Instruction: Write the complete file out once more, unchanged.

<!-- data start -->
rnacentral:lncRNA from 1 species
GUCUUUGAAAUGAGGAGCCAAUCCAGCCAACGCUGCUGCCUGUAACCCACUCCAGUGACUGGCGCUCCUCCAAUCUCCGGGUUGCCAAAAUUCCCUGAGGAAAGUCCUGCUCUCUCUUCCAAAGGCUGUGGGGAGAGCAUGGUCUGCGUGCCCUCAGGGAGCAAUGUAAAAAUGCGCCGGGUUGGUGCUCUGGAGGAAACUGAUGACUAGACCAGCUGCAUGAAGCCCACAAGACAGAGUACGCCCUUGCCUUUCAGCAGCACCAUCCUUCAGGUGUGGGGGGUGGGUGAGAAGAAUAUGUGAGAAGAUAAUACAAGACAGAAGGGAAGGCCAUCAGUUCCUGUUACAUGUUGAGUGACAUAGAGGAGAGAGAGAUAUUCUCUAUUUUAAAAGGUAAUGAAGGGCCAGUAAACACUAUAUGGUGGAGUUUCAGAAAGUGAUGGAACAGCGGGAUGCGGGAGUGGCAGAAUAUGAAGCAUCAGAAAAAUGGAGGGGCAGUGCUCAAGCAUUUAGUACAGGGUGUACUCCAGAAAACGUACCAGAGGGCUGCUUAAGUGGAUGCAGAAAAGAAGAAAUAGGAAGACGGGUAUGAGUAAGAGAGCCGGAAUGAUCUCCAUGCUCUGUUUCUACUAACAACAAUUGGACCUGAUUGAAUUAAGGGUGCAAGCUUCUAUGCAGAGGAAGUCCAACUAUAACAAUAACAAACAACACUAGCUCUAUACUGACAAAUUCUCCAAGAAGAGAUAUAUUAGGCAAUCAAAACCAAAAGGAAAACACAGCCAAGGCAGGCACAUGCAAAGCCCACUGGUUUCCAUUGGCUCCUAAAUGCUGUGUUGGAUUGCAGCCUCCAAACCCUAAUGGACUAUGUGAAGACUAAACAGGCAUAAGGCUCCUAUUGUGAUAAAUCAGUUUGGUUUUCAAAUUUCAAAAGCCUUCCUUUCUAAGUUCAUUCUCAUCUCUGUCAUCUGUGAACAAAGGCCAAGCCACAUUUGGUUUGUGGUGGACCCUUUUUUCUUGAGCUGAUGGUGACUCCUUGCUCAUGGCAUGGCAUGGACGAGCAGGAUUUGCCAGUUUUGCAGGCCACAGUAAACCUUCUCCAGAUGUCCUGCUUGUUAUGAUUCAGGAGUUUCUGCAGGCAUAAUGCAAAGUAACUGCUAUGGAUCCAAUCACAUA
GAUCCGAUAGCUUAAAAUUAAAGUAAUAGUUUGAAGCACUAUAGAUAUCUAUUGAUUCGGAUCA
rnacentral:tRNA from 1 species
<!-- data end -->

rnacentral:lncRNA from 1 species
GUCUUUGAAAUGAGGAGCCAAUCCAGCCAACGCUGCUGCCUGUAACCCACUCCAGUGACUGGCGCUCCUCCAAUCUCCGGGUUGCCAAAAUUCCCUGAGGAAAGUCCUGCUCUCUCUUCCAAAGGCUGUGGGGAGAGCAUGGUCUGCGUGCCCUCAGGGAGCAAUGUAAAAAUGCGCCGGGUUGGUGCUCUGGAGGAAACUGAUGACUAGACCAGCUGCAUGAAGCCCACAAGACAGAGUACGCCCUUGCCUUUCAGCAGCACCAUCCUUCAGGUGUGGGGGGUGGGUGAGAAGAAUAUGUGAGAAGAUAAUACAAGACAGAAGGGAAGGCCAUCAGUUCCUGUUACAUGUUGAGUGACAUAGAGGAGAGAGAGAUAUUCUCUAUUUUAAAAGGUAAUGAAGGGCCAGUAAACACUAUAUGGUGGAGUUUCAGAAAGUGAUGGAACAGCGGGAUGCGGGAGUGGCAGAAUAUGAAGCAUCAGAAAAAUGGAGGGGCAGUGCUCAAGCAUUUAGUACAGGGUGUACUCCAGAAAACGUACCAGAGGGCUGCUUAAGUGGAUGCAGAAAAGAAGAAAUAGGAAGACGGGUAUGAGUAAGAGAGCCGGAAUGAUCUCCAUGCUCUGUUUCUACUAACAACAAUUGGACCUGAUUGAAUUAAGGGUGCAAGCUUCUAUGCAGAGGAAGUCCAACUAUAACAAUAACAAACAACACUAGCUCUAUACUGACAAAUUCUCCAAGAAGAGAUAUAUUAGGCAAUCAAAACCAAAAGGAAAACACAGCCAAGGCAGGCACAUGCAAAGCCCACUGGUUUCCAUUGGCUCCUAAAUGCUGUGUUGGAUUGCAGCCUCCAAACCCUAAUGGACUAUGUGAAGACUAAACAGGCAUAAGGCUCCUAUUGUGAUAAAUCAGUUUGGUUUUCAAAUUUCAAAAGCCUUCCUUUCUAAGUUCAUUCUCAUCUCUGUCAUCUGUGAACAAAGGCCAAGCCACAUUUGGUUUGUGGUGGACCCUUUUUUCUUGAGCUGAUGGUGACUCCUUGCUCAUGGCAUGGCAUGGACGAGCAGGAUUUGCCAGUUUUGCAGGCCACAGUAAACCUUCUCCAGAUGUCCUGCUUGUUAUGAUUCAGGAGUUUCUGCAGGCAUAAUGCAAAGUAACUGCUAUGGAUCCAAUCACAUA
GAUCCGAUAGCUUAAAAUUAAAGUAAUAGUUUGAAGCACUAUAGAUAUCUAUUGAUUCGGAUCA
rnacentral:tRNA from 1 species